Once the ministry leader’s sexual scandal makes the airwaves, he’ll peg the woman as a “seductress” whose “promiscuous” advances were too powerful for him to resist. Resembling the work of a “she-devil” she entrapped him, grabbing him by the “unmentionable,” and from there, it was all history. And that’s why we are taught to forgive the man because he’s the victim here, his assailant, a 110 lbs sex witch that caught him alone in the lunchroom and proceeded to violate him while he sipped his tea and read his Bible.
It’s nonsense. I’m using sarcasm and humor here because blaming women for men’s inability to control themselves is a sad and resilient virus that refuses to die in our culture. So to cope, I make light of a grave and grievous situation.
Three, a man ought to be in control of his moral compass. In control of his faculties. If a man, especially a man of the cloth, cannot control himself when alone with a member of the opposite sex, then, by God, he ought not to be in ministry. He should not be in a position of influence, power, or authority ever again. He’s a predator in the making.
I cannot imagine Jesus, meeting the Samaritan woman at the well and thinking to himself, “Maybe I should wait for my apostles to get back before conversing with this woman. I mean, she might trip on that bucket l and land in my arms, where we kiss, romance, wed, make dozens of babies, until, the next woman I meet at the well comes around and trips on something else.”
That’s so stupid. No, I’m not sorry.
Jesus met with that woman alone because He had integrity, even if, EVEN IF she did not, He would have remained integral. And I’m not suggesting she was a sexual deviant or a saint, she could have been one or the other, it would not have changed Jesus’ posture toward her while the two sat and conversed by the well about faith, God, life, water, worship, and relationships. Jesus upheld His part of the ethical bargain, independent of the same being reciprocated or not.
Therefore… therefore… there… fore…
As I conversed with a friend via Instagram about the Billy Graham Rule, specifically rule number two, we got into discussing that the rule would have been more helpful and wise if it required individual integrity over distanced suspicion and isolation.
You see, when someone is integral, they’re complete, whole, satisfied, undivided in their attentiveness to honoring people made in the Image of God. They’re honoring, just, and kind, in the face of someone else’s vulnerability.
“If you, being a pastor, are counseling a woman who is experiencing a great deal of trouble in life and in the middle of a counseling session she stands, begins to undress, is nude and vulnerable before you, and the two of you are alone, where does your mind go? Where does your heart go?”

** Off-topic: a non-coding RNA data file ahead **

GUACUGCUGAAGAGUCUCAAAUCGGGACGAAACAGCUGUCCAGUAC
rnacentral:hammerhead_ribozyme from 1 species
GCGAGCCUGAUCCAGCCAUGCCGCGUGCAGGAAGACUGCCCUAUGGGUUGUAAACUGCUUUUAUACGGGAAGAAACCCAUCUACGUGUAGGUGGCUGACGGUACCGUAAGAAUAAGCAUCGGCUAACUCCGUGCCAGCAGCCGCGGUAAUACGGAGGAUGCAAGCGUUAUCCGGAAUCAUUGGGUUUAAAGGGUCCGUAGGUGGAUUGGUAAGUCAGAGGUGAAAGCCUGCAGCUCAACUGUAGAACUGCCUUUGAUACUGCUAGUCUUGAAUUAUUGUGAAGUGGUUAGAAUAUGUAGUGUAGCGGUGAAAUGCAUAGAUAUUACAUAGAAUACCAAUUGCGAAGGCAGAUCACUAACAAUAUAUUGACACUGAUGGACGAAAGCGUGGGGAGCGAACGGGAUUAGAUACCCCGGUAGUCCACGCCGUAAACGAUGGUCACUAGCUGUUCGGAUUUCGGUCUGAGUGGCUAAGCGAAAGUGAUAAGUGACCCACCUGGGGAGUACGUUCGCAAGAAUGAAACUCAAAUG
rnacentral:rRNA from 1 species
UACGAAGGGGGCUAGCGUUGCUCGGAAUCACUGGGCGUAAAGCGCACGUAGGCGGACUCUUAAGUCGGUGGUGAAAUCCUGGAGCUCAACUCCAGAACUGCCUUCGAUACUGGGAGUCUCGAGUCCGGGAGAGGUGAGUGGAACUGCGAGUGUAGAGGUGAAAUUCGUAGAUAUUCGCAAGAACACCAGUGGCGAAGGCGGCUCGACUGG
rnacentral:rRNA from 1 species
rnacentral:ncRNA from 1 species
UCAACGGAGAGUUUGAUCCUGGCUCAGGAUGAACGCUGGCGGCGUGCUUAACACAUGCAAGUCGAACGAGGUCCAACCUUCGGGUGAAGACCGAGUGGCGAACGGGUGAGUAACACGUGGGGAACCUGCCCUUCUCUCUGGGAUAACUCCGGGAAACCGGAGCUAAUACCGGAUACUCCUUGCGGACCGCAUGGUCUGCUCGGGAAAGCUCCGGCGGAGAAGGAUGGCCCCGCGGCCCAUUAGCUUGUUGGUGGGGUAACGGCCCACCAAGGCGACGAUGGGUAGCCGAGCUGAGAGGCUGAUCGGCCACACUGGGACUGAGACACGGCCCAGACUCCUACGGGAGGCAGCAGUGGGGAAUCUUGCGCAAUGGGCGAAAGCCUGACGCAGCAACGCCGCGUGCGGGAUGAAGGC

The question, I admit, is answered in two different places.
One, we answer this question publicly and openly, “I would tell her to dress up and get out of my office! That temptress! Damn her!”
The other, we answer in our hearts, in the place no one but us and God can see, and God knows what our answers tend to be. Too often, we have read reports, cover-ups, and lawsuits concerning what happens in these situations. Men in power, men with influence, men with authority, instead of portraying the likeness of Christ in the presence of the vulnerable, become the devil, ravaging and devouring people looking for help.
“Come to me,” Says the morally complicit pastor counseling the vulnerable woman. “And I will give you rest. But keep this between the two of us or else…”
So we must admit that Billy Graham’s Rule is problematic. It’s an over-correction, not a solution. It’s an escape, not a confrontation. It displaces blame, shifts blame, and generalizes women as sexual deviants, who, as I said earlier, given the opportunity, according to Graham’s rule, will devour men whenever alone with them.
There is, of course, wisdom in not placing oneself in a situation where, without a doubt, it seems suspicious.
Houston, We Have A Liquor Problem
Hillsong’s main pastor, Brian Houston, has been caught in hot water because he attended a meeting of some sort and after this meeting, he went for drinks and after drinking himself nearly blind, he went up to his hotel room for the night. Once there, he either misplaced his room keycard or was unable to properly use the keycard he had in hand to access his room. Under this fog of inebriation, Houston proceeds to a church colleague’s room, a woman, knocks on her door and then enters. There they remain alone for more than forty minutes. Both denied anything happened. And we have no evidence of anything having happened, because, no evidence was ever produced. Nor has the woman admitted or come forward with the fact that the two engaged in anything even remotely sexual.
But this scene, of course, is the extreme any married AND single person has to avoid because it does create an aura of suspicion. I mean, considering our current hook-up culture and the history of evangelical sex scandals, Houston should have known better. It is without a doubt that it was possible, in those forty minutes, that one’s moral compass could have wavered, their ability to resist temptation, dissipated, and there, a sexual act or several, could have taken place. And the truth, no one knows.
Brian admitted to the idiocy of his choices that night, having drunk too much, and then mixing sleeping or anxiety pills with his liquor, before proceeding to his coworkers’ hotel room. The two of them alone. His wife was nowhere in sight.